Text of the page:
Reimbursement: the repayment period to depositors when bank deposits become unavailable should reduce from 20 working days currently to seven working days by 2024. Member States should have the option of having a transitional period to the end of 2023. The repayment periods should, however, not exceed 15 working days by the end of 2018, and as early as 2021, should not exceed 10 working days.

When Member States allowed a transition period and where DGSs cannot make the repayable amount available within seven working days they shall ensure that depositors have access to an appropriate amount of their covered deposits to cover the cost of living within five working days of a request.

Better information for depositors: before entering into a contract on deposit-taking, the credit institutions should: i) make available the information necessary for the identification of the DGSs of which the institution and its branches are members within the Union; ii) inform actual and intending depositors of the applicable exclusions from DGS protection.

Depositors should be informed about their coverage and the responsible DGS on their statements of account. Intending depositors should be provided with the same information by way of a standardised information sheet, receipt of which they should be asked to acknowledge. The website of the relevant DGS shall also be indicated on the information sheet. References to DGSs in advertisements should be limited to short factual statements.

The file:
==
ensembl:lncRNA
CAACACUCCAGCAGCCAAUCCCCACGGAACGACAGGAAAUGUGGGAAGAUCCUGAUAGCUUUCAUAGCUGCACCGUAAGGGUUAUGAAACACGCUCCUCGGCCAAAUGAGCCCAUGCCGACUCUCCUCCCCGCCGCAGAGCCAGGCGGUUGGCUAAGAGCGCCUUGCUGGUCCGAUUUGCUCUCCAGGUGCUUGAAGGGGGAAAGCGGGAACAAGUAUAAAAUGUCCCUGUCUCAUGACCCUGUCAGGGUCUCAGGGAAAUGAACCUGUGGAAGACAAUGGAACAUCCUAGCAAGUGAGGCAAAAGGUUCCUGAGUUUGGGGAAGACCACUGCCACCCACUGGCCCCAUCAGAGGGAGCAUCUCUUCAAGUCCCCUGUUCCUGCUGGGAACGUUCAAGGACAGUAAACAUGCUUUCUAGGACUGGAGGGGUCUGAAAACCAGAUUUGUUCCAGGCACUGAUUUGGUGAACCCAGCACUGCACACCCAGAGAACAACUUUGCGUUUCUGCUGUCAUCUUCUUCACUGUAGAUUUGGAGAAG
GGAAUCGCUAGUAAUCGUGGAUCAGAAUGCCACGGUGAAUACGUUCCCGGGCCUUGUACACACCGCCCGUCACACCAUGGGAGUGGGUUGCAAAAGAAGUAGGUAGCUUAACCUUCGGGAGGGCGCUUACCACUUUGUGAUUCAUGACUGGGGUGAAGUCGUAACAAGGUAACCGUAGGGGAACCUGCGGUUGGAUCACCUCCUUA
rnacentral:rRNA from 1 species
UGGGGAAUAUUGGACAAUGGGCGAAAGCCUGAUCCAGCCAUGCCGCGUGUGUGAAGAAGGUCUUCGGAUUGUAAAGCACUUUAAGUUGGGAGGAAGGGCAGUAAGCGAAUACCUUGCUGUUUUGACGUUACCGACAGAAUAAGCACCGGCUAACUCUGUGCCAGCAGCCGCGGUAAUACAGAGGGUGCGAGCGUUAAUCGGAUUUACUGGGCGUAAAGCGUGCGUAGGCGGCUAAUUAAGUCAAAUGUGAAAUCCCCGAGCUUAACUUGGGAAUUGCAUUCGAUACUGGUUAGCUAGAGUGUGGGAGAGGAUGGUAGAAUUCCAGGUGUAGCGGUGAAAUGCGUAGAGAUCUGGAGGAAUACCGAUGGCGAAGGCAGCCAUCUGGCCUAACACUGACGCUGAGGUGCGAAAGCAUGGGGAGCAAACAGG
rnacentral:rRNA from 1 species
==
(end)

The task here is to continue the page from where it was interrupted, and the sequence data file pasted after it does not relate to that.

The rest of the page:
In the case of a merger or conversion of subsidiaries into branches, depositors shall be informed at least one month before the operation takes legal effect. They shall be given a three-month period following notification of the merger to withdraw or transfer their deposits to another credit institution, without incurring any penalty.

Financing DGSs: DGSs should have in place adequate systems to determine their potential liabilities. DGSs shall raise the available financial means by contributions to be made by their members (that is, the banks) at least annually.

The Directive requires Member States to ensure that, by 3 July 2024, the available financial means of a DGS shall at least reach a target level of 0.8% of the amount of the covered deposits of its members.